According to a report on inequality and poverty in OECD member countries, Sweden is the state where the gap between low and high incomes is increasing fastest.
Sweden is still one of the top 10 countries for economic equality, however, Svenska Dagbladet points out that —
… most Swedes have experienced an increase in their standard of living in recent decades, but the wealth gap is growing fast. […] Sweden is the country where the level of relative poverty has increased the most since 1995 [from 4 per cent of the population to 9 per cent], which is why it has slid from first place to 14th position in the rankings, although it still remains over the OECD average of (11 per cent of the population in relative poverty).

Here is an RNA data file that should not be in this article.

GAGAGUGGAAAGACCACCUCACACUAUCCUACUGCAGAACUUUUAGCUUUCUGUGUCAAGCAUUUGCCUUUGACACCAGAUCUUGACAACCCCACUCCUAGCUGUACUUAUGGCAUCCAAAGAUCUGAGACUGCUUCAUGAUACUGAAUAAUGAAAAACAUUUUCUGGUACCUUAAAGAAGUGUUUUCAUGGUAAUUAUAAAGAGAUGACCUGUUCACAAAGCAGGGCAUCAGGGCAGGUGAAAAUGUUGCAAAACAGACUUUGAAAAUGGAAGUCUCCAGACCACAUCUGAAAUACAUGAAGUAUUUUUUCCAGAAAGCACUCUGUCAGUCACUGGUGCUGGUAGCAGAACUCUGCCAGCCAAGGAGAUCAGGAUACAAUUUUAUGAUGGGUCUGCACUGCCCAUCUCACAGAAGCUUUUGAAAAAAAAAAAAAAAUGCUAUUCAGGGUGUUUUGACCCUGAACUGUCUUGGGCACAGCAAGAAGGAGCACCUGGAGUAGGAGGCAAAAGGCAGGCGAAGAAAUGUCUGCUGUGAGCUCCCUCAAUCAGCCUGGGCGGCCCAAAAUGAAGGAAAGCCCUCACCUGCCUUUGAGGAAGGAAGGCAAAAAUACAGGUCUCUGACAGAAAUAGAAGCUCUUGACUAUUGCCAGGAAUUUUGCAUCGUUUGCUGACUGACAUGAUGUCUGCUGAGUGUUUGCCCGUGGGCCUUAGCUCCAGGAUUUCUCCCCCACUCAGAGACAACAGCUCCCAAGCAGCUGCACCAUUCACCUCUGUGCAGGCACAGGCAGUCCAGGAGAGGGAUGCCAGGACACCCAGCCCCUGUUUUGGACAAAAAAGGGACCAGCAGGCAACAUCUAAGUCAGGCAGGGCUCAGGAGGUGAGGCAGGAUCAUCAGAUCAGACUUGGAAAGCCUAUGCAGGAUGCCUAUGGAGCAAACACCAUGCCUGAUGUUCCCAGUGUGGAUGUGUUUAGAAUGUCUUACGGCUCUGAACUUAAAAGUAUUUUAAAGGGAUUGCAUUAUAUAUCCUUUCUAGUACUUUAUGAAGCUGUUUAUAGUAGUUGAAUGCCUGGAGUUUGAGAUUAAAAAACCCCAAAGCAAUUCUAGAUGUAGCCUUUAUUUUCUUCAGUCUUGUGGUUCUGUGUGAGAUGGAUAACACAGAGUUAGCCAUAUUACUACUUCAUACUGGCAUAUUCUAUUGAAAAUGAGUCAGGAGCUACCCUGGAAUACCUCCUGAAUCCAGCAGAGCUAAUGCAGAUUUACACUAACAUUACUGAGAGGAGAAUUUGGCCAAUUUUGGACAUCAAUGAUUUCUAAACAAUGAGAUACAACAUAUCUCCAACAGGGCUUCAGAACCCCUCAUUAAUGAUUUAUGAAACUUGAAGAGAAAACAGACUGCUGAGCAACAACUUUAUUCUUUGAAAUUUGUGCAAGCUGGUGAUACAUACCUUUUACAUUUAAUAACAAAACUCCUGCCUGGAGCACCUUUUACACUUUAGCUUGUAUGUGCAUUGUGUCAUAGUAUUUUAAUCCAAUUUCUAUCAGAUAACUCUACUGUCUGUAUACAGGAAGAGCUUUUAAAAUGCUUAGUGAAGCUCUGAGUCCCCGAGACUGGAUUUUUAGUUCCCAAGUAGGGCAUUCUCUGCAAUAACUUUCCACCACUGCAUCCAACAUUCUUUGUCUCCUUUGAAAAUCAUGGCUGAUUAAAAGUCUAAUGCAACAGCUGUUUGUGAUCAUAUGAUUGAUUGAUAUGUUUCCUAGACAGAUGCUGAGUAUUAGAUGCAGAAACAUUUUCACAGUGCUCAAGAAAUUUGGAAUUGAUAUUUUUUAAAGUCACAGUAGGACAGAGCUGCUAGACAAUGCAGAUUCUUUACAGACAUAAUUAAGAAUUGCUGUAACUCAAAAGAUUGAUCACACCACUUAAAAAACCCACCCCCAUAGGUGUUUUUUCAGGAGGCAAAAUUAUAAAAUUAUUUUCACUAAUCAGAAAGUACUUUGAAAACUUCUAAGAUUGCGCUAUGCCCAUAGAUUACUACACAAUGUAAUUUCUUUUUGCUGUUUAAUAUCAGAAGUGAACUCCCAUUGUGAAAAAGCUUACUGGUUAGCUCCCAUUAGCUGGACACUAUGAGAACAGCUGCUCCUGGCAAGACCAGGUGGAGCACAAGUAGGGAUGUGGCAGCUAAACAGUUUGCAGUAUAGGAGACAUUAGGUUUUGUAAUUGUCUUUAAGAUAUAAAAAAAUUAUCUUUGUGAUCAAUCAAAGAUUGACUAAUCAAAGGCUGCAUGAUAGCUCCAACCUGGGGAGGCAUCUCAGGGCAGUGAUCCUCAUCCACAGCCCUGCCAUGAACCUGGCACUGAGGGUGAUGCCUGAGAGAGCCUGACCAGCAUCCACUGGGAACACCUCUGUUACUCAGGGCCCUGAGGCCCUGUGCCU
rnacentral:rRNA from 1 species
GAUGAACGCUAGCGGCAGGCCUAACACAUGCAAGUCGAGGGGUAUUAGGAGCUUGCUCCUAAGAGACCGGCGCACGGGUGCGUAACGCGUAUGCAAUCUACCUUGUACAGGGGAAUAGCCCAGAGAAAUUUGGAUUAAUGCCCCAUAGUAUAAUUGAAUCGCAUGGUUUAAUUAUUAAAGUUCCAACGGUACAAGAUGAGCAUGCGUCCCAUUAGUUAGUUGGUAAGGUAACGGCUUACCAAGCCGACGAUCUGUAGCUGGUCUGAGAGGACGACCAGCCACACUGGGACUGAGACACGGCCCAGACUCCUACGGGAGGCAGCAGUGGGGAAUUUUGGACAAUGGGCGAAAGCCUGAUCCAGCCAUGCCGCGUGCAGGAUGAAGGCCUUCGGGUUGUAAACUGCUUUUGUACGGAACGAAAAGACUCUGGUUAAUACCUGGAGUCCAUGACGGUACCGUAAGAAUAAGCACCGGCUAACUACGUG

According to the newspaper, the negative change, which “began to hit home at the end of the 2000s,” mainly affects —
… the sick, the unemployed and pensioners, who are worse off today than they were in 2006. Their benefits have not increased, and, in some cases they have been reduced. At the same time, they have not gained any advantage from the tax cuts offered by the [Fredrik] Reinfeldt government.